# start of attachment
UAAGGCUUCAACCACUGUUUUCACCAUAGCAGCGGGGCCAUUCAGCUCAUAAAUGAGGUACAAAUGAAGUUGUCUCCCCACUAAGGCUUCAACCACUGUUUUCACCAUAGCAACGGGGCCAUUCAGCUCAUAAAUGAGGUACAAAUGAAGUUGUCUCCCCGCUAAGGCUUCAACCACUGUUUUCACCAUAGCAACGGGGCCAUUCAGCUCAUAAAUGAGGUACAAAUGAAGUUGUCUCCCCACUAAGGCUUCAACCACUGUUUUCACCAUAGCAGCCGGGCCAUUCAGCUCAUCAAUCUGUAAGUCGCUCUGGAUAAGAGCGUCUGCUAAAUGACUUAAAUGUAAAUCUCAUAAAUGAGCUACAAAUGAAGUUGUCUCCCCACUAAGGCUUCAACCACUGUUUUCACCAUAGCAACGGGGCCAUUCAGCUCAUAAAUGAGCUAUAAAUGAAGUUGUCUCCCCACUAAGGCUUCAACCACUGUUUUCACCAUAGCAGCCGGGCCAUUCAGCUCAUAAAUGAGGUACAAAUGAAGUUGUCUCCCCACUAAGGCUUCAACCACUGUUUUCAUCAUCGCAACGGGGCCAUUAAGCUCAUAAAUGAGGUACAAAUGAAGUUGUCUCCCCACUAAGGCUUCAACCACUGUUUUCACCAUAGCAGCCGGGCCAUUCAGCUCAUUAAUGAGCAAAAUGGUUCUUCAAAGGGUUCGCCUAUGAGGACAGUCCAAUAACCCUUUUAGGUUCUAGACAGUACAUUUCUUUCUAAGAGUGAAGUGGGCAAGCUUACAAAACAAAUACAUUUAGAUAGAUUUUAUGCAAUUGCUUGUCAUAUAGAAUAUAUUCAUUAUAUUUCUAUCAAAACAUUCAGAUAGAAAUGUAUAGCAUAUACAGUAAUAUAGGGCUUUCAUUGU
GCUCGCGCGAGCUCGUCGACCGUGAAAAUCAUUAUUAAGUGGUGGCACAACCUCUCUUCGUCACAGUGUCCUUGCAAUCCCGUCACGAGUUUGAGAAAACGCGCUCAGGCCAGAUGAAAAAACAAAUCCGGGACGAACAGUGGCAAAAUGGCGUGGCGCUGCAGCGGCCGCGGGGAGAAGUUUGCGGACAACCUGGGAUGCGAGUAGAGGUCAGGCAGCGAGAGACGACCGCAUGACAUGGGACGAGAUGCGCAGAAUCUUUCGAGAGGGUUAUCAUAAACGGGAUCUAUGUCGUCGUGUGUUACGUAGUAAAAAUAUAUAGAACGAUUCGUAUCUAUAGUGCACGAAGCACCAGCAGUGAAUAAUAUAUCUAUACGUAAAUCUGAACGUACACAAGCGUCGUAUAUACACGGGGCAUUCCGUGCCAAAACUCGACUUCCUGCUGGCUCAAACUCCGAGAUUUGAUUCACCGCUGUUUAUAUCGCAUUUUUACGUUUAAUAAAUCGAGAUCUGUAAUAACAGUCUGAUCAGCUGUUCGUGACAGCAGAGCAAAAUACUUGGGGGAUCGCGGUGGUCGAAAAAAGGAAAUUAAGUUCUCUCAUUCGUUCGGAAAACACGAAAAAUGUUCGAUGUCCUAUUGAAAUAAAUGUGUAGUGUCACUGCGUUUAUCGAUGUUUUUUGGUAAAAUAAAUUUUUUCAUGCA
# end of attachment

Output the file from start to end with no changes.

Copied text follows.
UAAGGCUUCAACCACUGUUUUCACCAUAGCAGCGGGGCCAUUCAGCUCAUAAAUGAGGUACAAAUGAAGUUGUCUCCCCACUAAGGCUUCAACCACUGUUUUCACCAUAGCAACGGGGCCAUUCAGCUCAUAAAUGAGGUACAAAUGAAGUUGUCUCCCCGCUAAGGCUUCAACCACUGUUUUCACCAUAGCAACGGGGCCAUUCAGCUCAUAAAUGAGGUACAAAUGAAGUUGUCUCCCCACUAAGGCUUCAACCACUGUUUUCACCAUAGCAGCCGGGCCAUUCAGCUCAUCAAUCUGUAAGUCGCUCUGGAUAAGAGCGUCUGCUAAAUGACUUAAAUGUAAAUCUCAUAAAUGAGCUACAAAUGAAGUUGUCUCCCCACUAAGGCUUCAACCACUGUUUUCACCAUAGCAACGGGGCCAUUCAGCUCAUAAAUGAGCUAUAAAUGAAGUUGUCUCCCCACUAAGGCUUCAACCACUGUUUUCACCAUAGCAGCCGGGCCAUUCAGCUCAUAAAUGAGGUACAAAUGAAGUUGUCUCCCCACUAAGGCUUCAACCACUGUUUUCAUCAUCGCAACGGGGCCAUUAAGCUCAUAAAUGAGGUACAAAUGAAGUUGUCUCCCCACUAAGGCUUCAACCACUGUUUUCACCAUAGCAGCCGGGCCAUUCAGCUCAUUAAUGAGCAAAAUGGUUCUUCAAAGGGUUCGCCUAUGAGGACAGUCCAAUAACCCUUUUAGGUUCUAGACAGUACAUUUCUUUCUAAGAGUGAAGUGGGCAAGCUUACAAAACAAAUACAUUUAGAUAGAUUUUAUGCAAUUGCUUGUCAUAUAGAAUAUAUUCAUUAUAUUUCUAUCAAAACAUUCAGAUAGAAAUGUAUAGCAUAUACAGUAAUAUAGGGCUUUCAUUGU
GCUCGCGCGAGCUCGUCGACCGUGAAAAUCAUUAUUAAGUGGUGGCACAACCUCUCUUCGUCACAGUGUCCUUGCAAUCCCGUCACGAGUUUGAGAAAACGCGCUCAGGCCAGAUGAAAAAACAAAUCCGGGACGAACAGUGGCAAAAUGGCGUGGCGCUGCAGCGGCCGCGGGGAGAAGUUUGCGGACAACCUGGGAUGCGAGUAGAGGUCAGGCAGCGAGAGACGACCGCAUGACAUGGGACGAGAUGCGCAGAAUCUUUCGAGAGGGUUAUCAUAAACGGGAUCUAUGUCGUCGUGUGUUACGUAGUAAAAAUAUAUAGAACGAUUCGUAUCUAUAGUGCACGAAGCACCAGCAGUGAAUAAUAUAUCUAUACGUAAAUCUGAACGUACACAAGCGUCGUAUAUACACGGGGCAUUCCGUGCCAAAACUCGACUUCCUGCUGGCUCAAACUCCGAGAUUUGAUUCACCGCUGUUUAUAUCGCAUUUUUACGUUUAAUAAAUCGAGAUCUGUAAUAACAGUCUGAUCAGCUGUUCGUGACAGCAGAGCAAAAUACUUGGGGGAUCGCGGUGGUCGAAAAAAGGAAAUUAAGUUCUCUCAUUCGUUCGGAAAACACGAAAAAUGUUCGAUGUCCUAUUGAAAUAAAUGUGUAGUGUCACUGCGUUUAUCGAUGUUUUUUGGUAAAAUAAAUUUUUUCAUGCA